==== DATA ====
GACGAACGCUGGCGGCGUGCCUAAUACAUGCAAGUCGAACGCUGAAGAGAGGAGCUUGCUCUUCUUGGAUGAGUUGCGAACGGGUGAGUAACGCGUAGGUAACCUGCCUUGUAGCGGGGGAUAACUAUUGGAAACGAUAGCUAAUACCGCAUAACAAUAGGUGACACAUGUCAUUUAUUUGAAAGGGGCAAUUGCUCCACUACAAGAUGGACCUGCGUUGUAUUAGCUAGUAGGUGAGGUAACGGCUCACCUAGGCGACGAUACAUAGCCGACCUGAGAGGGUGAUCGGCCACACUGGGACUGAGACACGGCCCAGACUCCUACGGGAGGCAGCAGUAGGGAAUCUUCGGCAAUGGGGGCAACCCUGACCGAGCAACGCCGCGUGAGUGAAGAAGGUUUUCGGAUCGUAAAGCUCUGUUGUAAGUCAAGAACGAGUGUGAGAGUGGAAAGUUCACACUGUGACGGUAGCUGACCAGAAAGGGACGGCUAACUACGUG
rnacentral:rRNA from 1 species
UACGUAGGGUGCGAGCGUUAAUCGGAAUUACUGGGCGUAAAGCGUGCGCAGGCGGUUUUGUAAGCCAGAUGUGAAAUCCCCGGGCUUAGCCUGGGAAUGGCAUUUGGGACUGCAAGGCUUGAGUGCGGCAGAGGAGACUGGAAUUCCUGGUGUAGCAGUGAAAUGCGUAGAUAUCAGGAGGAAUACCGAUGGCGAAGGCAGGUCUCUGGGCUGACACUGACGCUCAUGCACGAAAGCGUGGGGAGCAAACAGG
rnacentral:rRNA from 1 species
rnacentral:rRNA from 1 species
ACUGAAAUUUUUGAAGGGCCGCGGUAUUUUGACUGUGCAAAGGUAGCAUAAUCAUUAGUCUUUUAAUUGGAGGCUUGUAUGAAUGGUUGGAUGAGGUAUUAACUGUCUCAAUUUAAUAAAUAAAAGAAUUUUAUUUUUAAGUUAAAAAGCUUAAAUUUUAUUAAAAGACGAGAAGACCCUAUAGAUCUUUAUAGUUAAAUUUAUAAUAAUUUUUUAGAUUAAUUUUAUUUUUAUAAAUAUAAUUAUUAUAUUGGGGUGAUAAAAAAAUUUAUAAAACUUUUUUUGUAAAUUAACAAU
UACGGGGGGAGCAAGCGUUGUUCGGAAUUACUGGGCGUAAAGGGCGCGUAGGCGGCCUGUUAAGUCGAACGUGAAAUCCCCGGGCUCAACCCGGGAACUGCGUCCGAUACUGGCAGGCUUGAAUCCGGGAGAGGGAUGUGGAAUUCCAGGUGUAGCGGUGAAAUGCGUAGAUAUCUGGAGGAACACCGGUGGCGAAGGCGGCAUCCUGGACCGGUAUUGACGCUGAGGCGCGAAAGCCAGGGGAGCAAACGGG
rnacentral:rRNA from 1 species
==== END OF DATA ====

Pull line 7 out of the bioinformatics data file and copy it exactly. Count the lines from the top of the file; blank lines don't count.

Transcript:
UACGGGGGGAGCAAGCGUUGUUCGGAAUUACUGGGCGUAAAGGGCGCGUAGGCGGCCUGUUAAGUCGAACGUGAAAUCCCCGGGCUCAACCCGGGAACUGCGUCCGAUACUGGCAGGCUUGAAUCCGGGAGAGGGAUGUGGAAUUCCAGGUGUAGCGGUGAAAUGCGUAGAUAUCUGGAGGAACACCGGUGGCGAAGGCGGCAUCCUGGACCGGUAUUGACGCUGAGGCGCGAAAGCCAGGGGAGCAAACGGG